Special Reports

Opening up about open relationships

Monday, February 07, 2011

When it comes to marriage, there is no shortage of experts with opinions about what works and what doesn't.

Few of them will tell you what the couples you're about to meet told me. They claim to be deeply in love, committed couples, but they've made a choice that will raise a few eyebrows, and they say we can all learn a thing or two from listening.

"Well, we actually met on a blind date," said Carl Stevens.

Carl and Kenya Stevens had what you might describe as a whirlwind romance. They met as freshmen at Howard University and fell quickly and madly in love.

Two months later, they were engaged. 10 months later, married. It was, they say, a perfect picture, until...

"My husband came home from work and shared with me that he was falling in love with another woman," said Kenya, a relationship counselor.

Words, Kenya admits, that broke her heart. But a few years earlier, she says, she felt the same emotion for another man and never said a word about it.

Carl's admission began a conversation, and their relationship took a turn neither saw coming.

"Right now, I only have one girlfriend," said Carl Steven.

"And I have one boyfriend," Kenya said.

Yes, a proudly monogamous couple for more than a decade, Carl and Kenya opened their marriage 3 years ago, still in love with each other, but dating, even falling in love with other people, too.

Jealousy? They say it's not an issue.

"I am excited if my mate is having pleasure of joy or ecstasy outside the relationship," said Kenya.

The Exton native and his wife don't suggest their lifestyle is for everyone, but they say it's definitely for them, though it may seem odd.

The Stevens say there are no secrets between them. Their open relationship is an honest one. And they think monogamous couples can follow their lead when it comes to communication.

They're not alone. This past weekend, Philadelphia played host to the 6th annual "Loving More" Convention, organized by Robyn Trask who used to own a wedding chapel, and now calls herself poly-amorous.

"I want people to know there's a choice. Monogamy is great for a lot of people, but for some people it's not," says Robyn Trask.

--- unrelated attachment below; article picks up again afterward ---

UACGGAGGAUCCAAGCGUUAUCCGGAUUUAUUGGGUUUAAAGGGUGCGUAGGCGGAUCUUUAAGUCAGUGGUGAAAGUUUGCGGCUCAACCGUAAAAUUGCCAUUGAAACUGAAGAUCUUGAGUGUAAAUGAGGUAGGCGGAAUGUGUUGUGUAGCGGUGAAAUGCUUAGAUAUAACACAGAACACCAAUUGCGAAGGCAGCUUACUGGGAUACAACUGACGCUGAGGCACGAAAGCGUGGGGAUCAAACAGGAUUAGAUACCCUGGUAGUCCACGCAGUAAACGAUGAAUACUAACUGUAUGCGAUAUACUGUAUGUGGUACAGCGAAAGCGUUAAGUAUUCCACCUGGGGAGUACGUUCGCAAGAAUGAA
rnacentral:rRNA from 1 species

To be clear, they say, this is not "swinging".

It's not about sex, they insist, but about love, and allowing themselves to experience as much of it as possible.

"I actually think they are all destined to fail, one way or another. I don't think that's realistic at all," said Dr. Stephen Treat.

Dr. Treat, of the Philadelphia based Council for Relationships, says monogamous couples form a unique bond, a level of love bred through commitment that those in open relationships will never achieve.

Jennifer and Ryan of Chester Springs don't quite see it that way. The pair, together for 3 years, and about to get married, also practices an open relationship.

"If you can't talk to each other, then you're bound to fail, regardless of how many other complications you add to the mix," said Ryan.

Both couples hope even those who disagree with open relationships learn all relationships require sometimes hard truths.

Dr. Treat, meanwhile, says the hard truth is this...

"Intimacy is hard, intimacy is difficult and marriage takes work. My hope would be that they wouldn't try to find exits," says Dr. Treat.

Now, to some, if not most of you, this may all seem somewhat ridiculous. But even if the idea of open relationships repulses you, the couples who practice hope you'll take away the importance of opening up. They say the secret to a good relationship is a relationship with no secrets; this being the most extreme example.

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